Almost 50% of people develop food allergies after age 17

If you make it to adulthood without having food allergies you might assume you are in the clear, but new research proves this is not the case.

A report from the American College of Allergy, Asthma and Immunology has found that 45 percent of people experience the onset of at least one food allergy after the age of 17.

In fact more than 35 percent of allergies to many types of seafood – including shrimp, crab and lobster – do not appear until after age 17.

The study also found black, Asian and Hispanic adults are more at-risk for developing certain allergies than white adults.

The report serves as a warning that just because you age you are not free from developing new allergies.

A new report has found that nearly half of people develop a food allergy after age 17

The report’s researchers pointed out that little is known about adult food allergy prevalence compared to what we know about childhood allergy prevalence.

The researchers said as of 2011 eight percent of US children reported having a food allergy. Forty percent of them had experienced a severe reaction and 30 percent were allergic to multiple foods.

The report noted that the prevalence of tree nut and sesame allergies among children is on the rise, and a separate study published today has found that childhood peanut allergies have become 20 percent more prevalent in the last seven years.

‘Very little remains known about the relative prevalence of childhood vs. adult-onset food allergies and their associated risk factors,’ the report said.

This chart shows the prevalence of popular allergies that can appear after age 17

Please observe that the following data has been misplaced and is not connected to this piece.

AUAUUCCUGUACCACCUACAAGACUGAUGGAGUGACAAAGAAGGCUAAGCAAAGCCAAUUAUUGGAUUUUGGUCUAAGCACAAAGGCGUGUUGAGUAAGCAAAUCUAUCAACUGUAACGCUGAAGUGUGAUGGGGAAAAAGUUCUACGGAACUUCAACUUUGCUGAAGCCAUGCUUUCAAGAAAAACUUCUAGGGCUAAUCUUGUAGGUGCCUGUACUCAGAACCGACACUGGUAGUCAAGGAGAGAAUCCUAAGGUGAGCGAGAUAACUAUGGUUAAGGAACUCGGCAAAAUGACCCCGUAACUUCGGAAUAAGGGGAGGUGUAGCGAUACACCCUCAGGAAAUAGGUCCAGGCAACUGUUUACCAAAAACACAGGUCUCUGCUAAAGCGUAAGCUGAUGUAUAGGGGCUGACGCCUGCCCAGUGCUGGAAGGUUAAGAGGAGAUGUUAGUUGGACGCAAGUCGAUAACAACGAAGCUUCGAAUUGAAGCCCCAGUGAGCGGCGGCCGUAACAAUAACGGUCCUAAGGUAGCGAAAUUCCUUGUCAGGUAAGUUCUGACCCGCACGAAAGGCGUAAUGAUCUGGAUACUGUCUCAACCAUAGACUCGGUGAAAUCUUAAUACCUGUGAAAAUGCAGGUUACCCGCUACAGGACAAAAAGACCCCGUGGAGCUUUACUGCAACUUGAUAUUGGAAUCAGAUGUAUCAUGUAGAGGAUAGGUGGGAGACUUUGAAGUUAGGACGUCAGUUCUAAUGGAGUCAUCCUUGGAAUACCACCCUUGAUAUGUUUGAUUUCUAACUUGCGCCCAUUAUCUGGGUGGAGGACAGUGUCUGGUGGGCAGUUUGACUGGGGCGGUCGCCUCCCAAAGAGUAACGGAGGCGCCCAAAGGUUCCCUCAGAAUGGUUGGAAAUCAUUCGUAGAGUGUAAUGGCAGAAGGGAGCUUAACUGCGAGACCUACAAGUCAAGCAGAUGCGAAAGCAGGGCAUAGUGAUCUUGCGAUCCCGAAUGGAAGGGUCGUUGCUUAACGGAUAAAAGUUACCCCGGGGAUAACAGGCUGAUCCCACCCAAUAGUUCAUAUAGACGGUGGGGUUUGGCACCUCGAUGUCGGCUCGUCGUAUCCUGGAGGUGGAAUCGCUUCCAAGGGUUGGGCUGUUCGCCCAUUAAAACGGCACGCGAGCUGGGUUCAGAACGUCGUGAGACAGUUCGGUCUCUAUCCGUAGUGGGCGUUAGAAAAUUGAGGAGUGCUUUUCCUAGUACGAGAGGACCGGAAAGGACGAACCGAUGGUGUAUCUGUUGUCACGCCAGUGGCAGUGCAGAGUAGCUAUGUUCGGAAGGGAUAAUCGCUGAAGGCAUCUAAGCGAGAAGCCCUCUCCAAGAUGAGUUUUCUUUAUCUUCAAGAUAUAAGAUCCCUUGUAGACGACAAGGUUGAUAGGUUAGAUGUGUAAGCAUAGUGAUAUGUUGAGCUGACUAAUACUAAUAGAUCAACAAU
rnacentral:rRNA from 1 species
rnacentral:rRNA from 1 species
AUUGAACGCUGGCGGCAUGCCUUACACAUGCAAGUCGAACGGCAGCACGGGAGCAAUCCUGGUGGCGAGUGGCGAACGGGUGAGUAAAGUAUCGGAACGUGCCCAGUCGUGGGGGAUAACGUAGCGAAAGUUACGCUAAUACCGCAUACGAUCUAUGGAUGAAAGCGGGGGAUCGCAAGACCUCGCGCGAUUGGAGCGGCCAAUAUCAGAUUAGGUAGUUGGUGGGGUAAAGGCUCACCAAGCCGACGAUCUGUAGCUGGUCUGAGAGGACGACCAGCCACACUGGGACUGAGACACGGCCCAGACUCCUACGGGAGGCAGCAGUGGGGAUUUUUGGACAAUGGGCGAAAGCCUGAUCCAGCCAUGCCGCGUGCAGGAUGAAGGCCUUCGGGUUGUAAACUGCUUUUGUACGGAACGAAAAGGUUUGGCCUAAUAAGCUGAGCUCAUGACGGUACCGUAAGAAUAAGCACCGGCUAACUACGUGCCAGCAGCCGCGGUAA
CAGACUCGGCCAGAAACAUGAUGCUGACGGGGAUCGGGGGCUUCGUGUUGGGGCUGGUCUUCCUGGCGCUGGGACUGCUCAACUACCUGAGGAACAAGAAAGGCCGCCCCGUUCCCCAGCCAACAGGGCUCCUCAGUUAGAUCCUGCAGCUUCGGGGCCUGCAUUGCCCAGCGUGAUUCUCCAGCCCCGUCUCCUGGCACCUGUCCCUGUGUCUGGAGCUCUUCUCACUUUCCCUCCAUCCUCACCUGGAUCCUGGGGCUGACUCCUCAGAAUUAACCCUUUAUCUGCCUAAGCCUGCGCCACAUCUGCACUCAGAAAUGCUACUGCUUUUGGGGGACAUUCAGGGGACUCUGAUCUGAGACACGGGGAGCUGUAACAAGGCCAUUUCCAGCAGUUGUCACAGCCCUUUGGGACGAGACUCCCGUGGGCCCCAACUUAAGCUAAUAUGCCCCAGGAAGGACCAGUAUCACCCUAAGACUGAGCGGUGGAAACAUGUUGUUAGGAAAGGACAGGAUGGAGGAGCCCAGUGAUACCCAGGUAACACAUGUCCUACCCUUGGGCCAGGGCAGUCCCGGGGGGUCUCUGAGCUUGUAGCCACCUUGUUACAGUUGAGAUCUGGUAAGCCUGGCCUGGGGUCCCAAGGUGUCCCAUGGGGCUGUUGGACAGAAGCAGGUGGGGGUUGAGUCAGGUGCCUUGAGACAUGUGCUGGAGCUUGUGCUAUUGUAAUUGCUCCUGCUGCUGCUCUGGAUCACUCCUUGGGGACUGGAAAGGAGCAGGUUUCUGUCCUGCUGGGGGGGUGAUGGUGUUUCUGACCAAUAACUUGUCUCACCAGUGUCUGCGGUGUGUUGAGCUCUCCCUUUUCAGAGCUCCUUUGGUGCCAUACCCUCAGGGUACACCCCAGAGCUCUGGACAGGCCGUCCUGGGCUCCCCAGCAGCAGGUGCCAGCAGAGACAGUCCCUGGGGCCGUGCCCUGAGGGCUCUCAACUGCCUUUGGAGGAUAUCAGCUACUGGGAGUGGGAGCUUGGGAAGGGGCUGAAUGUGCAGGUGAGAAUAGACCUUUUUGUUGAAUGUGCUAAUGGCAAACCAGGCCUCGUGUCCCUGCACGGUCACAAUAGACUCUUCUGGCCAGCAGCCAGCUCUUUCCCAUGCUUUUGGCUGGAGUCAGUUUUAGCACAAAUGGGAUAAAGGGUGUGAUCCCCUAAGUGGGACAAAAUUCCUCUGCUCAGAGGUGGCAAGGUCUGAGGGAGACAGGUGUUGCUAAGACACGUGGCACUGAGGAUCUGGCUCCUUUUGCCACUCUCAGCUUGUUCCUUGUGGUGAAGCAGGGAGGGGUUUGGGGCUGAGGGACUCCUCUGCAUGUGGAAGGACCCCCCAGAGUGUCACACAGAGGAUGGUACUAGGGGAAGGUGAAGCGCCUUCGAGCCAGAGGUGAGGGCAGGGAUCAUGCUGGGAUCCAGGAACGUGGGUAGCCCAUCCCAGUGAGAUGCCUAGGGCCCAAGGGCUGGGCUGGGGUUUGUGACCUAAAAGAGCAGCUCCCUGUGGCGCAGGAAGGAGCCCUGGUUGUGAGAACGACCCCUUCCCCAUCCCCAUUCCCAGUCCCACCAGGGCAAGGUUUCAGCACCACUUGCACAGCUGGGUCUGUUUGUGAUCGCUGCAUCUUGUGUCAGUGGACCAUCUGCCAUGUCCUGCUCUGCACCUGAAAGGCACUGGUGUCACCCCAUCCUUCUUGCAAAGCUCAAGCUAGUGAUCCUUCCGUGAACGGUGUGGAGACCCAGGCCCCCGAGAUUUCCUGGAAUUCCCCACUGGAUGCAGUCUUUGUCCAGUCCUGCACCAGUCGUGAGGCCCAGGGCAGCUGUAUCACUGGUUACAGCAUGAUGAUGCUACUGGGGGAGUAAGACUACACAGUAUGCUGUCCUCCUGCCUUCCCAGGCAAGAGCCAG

This chart shows the prevalence of popular allergies that can appear after age 17

More than 40 percent of shellfish allergies do not develop until after a person has tuned 17

More than 40 percent of shellfish allergies do not develop until after a person has tuned 17


About two million children suffer from peanut allergies, and black children are more likely than white children to have the allergy.

Experts are unsure why the rate of peanut allergies in the US has jumped an alarming 20 percent in seven years.

Children with a food allergy are up to four times as likely to suffer from other, related conditions, and among these is asthma.

The CDC has said that the following foods account for 90 percent of all allergies:

  • eggs
  • milk
  • peanuts
  • fish
  • tree nuts
  • soy
  • shellfish
  • wheat

Researchers surveyed 53,575 US adults between October 2015 and September 2016 for the new study. 

The researchers inquired about whether or not the food allergies people reported having had been diagnosed by a doctor and whether or not they were considered ‘severe’.

They found that 3.69 percent of adults have a shellfish allergy, 2.66 percent are allergic to peanuts, 1.8 percent to tree nuts, 1.11 percent to fin fish and .3 percent to sesame.

The report also said that black, Asian and Hispanic adults are more likely than white adults to develop peanut and shellfish allergies.

Study lead author Dr Ruchi Gupta said: ‘Food allergies are often seen as a condition that begins in childhood, so the idea that 45 percent of adults with food allergies develop them in adulthood is surprising.’

Dr Gupta added: ‘We also say that, as with children, the incidence of food allergies in adults is rising across all ethnic groups.’

Another author Christopher Warren said: ‘Because many adults believe food allergies mostly affect children, they may not think to get tested.

‘It is important to see an allergist for testing and diagnosis if you are having a reaction to a food and suspect a food allergy.’